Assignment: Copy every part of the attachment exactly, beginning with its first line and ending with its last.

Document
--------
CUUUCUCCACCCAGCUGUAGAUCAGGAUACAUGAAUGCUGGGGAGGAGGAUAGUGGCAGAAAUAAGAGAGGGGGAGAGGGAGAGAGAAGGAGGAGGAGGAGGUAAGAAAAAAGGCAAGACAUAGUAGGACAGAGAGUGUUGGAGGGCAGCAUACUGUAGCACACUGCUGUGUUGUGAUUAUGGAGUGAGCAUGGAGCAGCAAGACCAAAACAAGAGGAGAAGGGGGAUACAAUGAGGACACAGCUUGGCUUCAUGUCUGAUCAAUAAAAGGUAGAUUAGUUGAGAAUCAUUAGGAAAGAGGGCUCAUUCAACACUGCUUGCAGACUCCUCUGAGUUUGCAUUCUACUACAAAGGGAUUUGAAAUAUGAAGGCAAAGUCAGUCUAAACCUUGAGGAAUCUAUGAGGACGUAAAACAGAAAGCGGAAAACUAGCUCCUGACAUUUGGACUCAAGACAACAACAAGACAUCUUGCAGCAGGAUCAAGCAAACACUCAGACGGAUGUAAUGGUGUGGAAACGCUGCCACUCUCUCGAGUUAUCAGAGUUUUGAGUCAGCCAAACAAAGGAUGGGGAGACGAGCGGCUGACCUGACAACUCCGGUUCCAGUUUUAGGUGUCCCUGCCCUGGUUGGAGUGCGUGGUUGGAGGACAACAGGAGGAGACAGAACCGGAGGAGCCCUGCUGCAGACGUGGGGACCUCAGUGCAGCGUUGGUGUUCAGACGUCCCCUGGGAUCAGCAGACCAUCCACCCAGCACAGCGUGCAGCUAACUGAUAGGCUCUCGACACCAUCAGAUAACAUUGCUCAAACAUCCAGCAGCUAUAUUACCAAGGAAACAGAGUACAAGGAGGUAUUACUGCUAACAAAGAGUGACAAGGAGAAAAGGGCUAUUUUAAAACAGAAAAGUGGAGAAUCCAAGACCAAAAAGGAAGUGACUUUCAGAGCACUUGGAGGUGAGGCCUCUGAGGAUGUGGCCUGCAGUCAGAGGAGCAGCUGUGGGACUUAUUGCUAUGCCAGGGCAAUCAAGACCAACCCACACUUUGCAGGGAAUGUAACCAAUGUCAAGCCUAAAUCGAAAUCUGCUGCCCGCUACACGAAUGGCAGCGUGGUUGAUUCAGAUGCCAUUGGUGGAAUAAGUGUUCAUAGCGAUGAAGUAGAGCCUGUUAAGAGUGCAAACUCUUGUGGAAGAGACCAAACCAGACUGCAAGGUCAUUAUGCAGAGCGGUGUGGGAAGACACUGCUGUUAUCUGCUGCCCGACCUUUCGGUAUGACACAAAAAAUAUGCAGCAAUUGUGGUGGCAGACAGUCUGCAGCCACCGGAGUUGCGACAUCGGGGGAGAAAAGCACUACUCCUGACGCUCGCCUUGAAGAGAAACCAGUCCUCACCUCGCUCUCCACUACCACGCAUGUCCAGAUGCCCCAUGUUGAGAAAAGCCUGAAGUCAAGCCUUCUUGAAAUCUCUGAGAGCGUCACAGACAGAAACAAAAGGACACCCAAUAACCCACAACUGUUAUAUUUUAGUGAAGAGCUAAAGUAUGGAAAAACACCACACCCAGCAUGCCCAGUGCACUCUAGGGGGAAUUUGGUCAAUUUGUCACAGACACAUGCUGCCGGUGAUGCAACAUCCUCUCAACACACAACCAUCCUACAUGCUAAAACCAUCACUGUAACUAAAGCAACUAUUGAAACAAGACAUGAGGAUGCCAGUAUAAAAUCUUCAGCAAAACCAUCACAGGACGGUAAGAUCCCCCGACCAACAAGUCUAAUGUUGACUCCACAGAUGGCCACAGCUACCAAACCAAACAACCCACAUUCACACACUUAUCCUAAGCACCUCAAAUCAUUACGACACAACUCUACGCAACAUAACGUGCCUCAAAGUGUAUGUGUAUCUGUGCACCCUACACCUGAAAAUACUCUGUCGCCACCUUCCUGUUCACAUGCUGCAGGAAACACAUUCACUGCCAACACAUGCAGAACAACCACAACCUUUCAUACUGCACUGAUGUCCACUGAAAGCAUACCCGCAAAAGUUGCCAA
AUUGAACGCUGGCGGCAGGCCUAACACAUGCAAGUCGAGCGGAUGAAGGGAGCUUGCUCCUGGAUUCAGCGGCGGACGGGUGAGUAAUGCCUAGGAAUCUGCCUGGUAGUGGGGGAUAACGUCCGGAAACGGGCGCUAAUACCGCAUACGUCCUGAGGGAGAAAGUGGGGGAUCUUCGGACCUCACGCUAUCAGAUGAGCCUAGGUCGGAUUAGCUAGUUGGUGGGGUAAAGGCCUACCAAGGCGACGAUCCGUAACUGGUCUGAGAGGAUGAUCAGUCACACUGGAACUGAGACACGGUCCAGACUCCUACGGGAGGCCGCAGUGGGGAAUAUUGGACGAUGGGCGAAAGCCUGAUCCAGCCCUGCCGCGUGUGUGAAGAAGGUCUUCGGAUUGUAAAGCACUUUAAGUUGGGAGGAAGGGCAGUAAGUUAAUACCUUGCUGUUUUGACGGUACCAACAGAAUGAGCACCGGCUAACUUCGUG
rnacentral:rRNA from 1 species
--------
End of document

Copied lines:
CUUUCUCCACCCAGCUGUAGAUCAGGAUACAUGAAUGCUGGGGAGGAGGAUAGUGGCAGAAAUAAGAGAGGGGGAGAGGGAGAGAGAAGGAGGAGGAGGAGGUAAGAAAAAAGGCAAGACAUAGUAGGACAGAGAGUGUUGGAGGGCAGCAUACUGUAGCACACUGCUGUGUUGUGAUUAUGGAGUGAGCAUGGAGCAGCAAGACCAAAACAAGAGGAGAAGGGGGAUACAAUGAGGACACAGCUUGGCUUCAUGUCUGAUCAAUAAAAGGUAGAUUAGUUGAGAAUCAUUAGGAAAGAGGGCUCAUUCAACACUGCUUGCAGACUCCUCUGAGUUUGCAUUCUACUACAAAGGGAUUUGAAAUAUGAAGGCAAAGUCAGUCUAAACCUUGAGGAAUCUAUGAGGACGUAAAACAGAAAGCGGAAAACUAGCUCCUGACAUUUGGACUCAAGACAACAACAAGACAUCUUGCAGCAGGAUCAAGCAAACACUCAGACGGAUGUAAUGGUGUGGAAACGCUGCCACUCUCUCGAGUUAUCAGAGUUUUGAGUCAGCCAAACAAAGGAUGGGGAGACGAGCGGCUGACCUGACAACUCCGGUUCCAGUUUUAGGUGUCCCUGCCCUGGUUGGAGUGCGUGGUUGGAGGACAACAGGAGGAGACAGAACCGGAGGAGCCCUGCUGCAGACGUGGGGACCUCAGUGCAGCGUUGGUGUUCAGACGUCCCCUGGGAUCAGCAGACCAUCCACCCAGCACAGCGUGCAGCUAACUGAUAGGCUCUCGACACCAUCAGAUAACAUUGCUCAAACAUCCAGCAGCUAUAUUACCAAGGAAACAGAGUACAAGGAGGUAUUACUGCUAACAAAGAGUGACAAGGAGAAAAGGGCUAUUUUAAAACAGAAAAGUGGAGAAUCCAAGACCAAAAAGGAAGUGACUUUCAGAGCACUUGGAGGUGAGGCCUCUGAGGAUGUGGCCUGCAGUCAGAGGAGCAGCUGUGGGACUUAUUGCUAUGCCAGGGCAAUCAAGACCAACCCACACUUUGCAGGGAAUGUAACCAAUGUCAAGCCUAAAUCGAAAUCUGCUGCCCGCUACACGAAUGGCAGCGUGGUUGAUUCAGAUGCCAUUGGUGGAAUAAGUGUUCAUAGCGAUGAAGUAGAGCCUGUUAAGAGUGCAAACUCUUGUGGAAGAGACCAAACCAGACUGCAAGGUCAUUAUGCAGAGCGGUGUGGGAAGACACUGCUGUUAUCUGCUGCCCGACCUUUCGGUAUGACACAAAAAAUAUGCAGCAAUUGUGGUGGCAGACAGUCUGCAGCCACCGGAGUUGCGACAUCGGGGGAGAAAAGCACUACUCCUGACGCUCGCCUUGAAGAGAAACCAGUCCUCACCUCGCUCUCCACUACCACGCAUGUCCAGAUGCCCCAUGUUGAGAAAAGCCUGAAGUCAAGCCUUCUUGAAAUCUCUGAGAGCGUCACAGACAGAAACAAAAGGACACCCAAUAACCCACAACUGUUAUAUUUUAGUGAAGAGCUAAAGUAUGGAAAAACACCACACCCAGCAUGCCCAGUGCACUCUAGGGGGAAUUUGGUCAAUUUGUCACAGACACAUGCUGCCGGUGAUGCAACAUCCUCUCAACACACAACCAUCCUACAUGCUAAAACCAUCACUGUAACUAAAGCAACUAUUGAAACAAGACAUGAGGAUGCCAGUAUAAAAUCUUCAGCAAAACCAUCACAGGACGGUAAGAUCCCCCGACCAACAAGUCUAAUGUUGACUCCACAGAUGGCCACAGCUACCAAACCAAACAACCCACAUUCACACACUUAUCCUAAGCACCUCAAAUCAUUACGACACAACUCUACGCAACAUAACGUGCCUCAAAGUGUAUGUGUAUCUGUGCACCCUACACCUGAAAAUACUCUGUCGCCACCUUCCUGUUCACAUGCUGCAGGAAACACAUUCACUGCCAACACAUGCAGAACAACCACAACCUUUCAUACUGCACUGAUGUCCACUGAAAGCAUACCCGCAAAAGUUGCCAA
AUUGAACGCUGGCGGCAGGCCUAACACAUGCAAGUCGAGCGGAUGAAGGGAGCUUGCUCCUGGAUUCAGCGGCGGACGGGUGAGUAAUGCCUAGGAAUCUGCCUGGUAGUGGGGGAUAACGUCCGGAAACGGGCGCUAAUACCGCAUACGUCCUGAGGGAGAAAGUGGGGGAUCUUCGGACCUCACGCUAUCAGAUGAGCCUAGGUCGGAUUAGCUAGUUGGUGGGGUAAAGGCCUACCAAGGCGACGAUCCGUAACUGGUCUGAGAGGAUGAUCAGUCACACUGGAACUGAGACACGGUCCAGACUCCUACGGGAGGCCGCAGUGGGGAAUAUUGGACGAUGGGCGAAAGCCUGAUCCAGCCCUGCCGCGUGUGUGAAGAAGGUCUUCGGAUUGUAAAGCACUUUAAGUUGGGAGGAAGGGCAGUAAGUUAAUACCUUGCUGUUUUGACGGUACCAACAGAAUGAGCACCGGCUAACUUCGUG
rnacentral:rRNA from 1 species